I set aside my mirror and crossed the bedchamber, nudging his hands aside. “Let me do it.” Though both his hands and mine were spotted with age and lined with bulging blue veins, at least mine were still nimble.
He cradled my head and placed a kiss on my forehead. “Thank you, love. What would I do without you?”
I finished the knot and gazed into his rheumy eyes, as smitten as I’d been sixty-six years ago. “Let’s hope you never find out.” I laced my arm through his. “Let’s go downstairs. The children are waiting.”
He opened our chamber door, and lively family sounds floated up from the courtyard below. We descended the stairs slowly since Daniel’s feet pained him. Waiting in our lush green courtyard were three generations of our descendants seated around four long rectangular tables. Four daughters with their husbands. Twenty-one grandchildren. And thirty- two greats.
Two conscientious grandsons met their saba Daniel at the bottom of the steps, one supporting each elbow. I was left to follow—alone. The snubbing had begun.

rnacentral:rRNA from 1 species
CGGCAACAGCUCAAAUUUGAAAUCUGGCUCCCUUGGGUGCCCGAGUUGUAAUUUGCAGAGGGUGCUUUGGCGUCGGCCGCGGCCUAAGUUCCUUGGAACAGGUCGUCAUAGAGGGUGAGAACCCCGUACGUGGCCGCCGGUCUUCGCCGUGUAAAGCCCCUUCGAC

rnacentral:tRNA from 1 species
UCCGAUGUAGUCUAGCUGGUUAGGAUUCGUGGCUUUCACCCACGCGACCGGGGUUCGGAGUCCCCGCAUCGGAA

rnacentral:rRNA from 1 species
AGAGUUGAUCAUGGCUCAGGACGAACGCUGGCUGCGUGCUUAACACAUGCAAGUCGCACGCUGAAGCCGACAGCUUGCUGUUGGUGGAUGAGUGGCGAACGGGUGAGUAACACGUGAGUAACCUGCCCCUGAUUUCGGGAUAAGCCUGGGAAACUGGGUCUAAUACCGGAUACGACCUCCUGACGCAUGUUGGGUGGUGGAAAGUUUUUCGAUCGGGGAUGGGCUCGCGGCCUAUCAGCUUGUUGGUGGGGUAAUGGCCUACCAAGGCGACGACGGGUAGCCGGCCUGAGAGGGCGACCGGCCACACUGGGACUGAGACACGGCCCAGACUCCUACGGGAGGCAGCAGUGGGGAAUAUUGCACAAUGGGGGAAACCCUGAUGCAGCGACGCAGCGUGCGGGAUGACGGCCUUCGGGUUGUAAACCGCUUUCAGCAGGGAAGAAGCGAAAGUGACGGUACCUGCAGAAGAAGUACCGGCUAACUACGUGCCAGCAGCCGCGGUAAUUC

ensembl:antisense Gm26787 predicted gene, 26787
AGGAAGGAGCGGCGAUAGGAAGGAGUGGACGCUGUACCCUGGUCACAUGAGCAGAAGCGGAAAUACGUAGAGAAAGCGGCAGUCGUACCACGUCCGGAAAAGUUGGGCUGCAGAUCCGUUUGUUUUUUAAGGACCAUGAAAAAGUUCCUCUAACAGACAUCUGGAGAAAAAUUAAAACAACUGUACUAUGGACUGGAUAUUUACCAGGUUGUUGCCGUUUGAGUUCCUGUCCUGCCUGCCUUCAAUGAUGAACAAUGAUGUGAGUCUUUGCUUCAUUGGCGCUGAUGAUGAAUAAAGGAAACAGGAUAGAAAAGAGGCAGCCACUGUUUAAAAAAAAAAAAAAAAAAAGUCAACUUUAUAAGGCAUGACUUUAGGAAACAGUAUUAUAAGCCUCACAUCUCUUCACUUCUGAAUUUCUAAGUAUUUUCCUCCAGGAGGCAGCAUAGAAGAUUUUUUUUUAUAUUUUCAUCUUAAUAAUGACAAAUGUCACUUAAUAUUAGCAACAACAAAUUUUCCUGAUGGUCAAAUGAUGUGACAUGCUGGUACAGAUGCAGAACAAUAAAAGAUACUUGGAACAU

“I’m fine,” he protested. “Tend to your savta.”
“But Ima said your feet have been paining you,
Saba.” Our oldest daughter’s firstborn offered an obligatory
nod at me. “Shalom, Savta.”
I returned the nod with a half smile but remained silent, refusing to mock the peace such a greeting offered. One glance at our oldest daughter, Kezia, assured me there would be no shalom today. She stole sullen glimpses at me while standing beside her husband, Sheshbazzar, the prince of
Judah’s exiles in . Our other three daughters stood arm
in arm with their husbands, eyes trained on the abba they all adored. Babylon
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Thank you, Mesu, for sharing this new book with my blog readers and me. Last weekend, my pastor started a sermon series on The Kings of
This book is very timely for me. Babylon
Readers, here are links to the book.Of Fire and Lions - Christianbook.com
Of Fire and Lions: A Novel - Amazon paperback
Of Fire and Lions: A Novel - Kindle
Of Fire and Lions: A Novel - Audio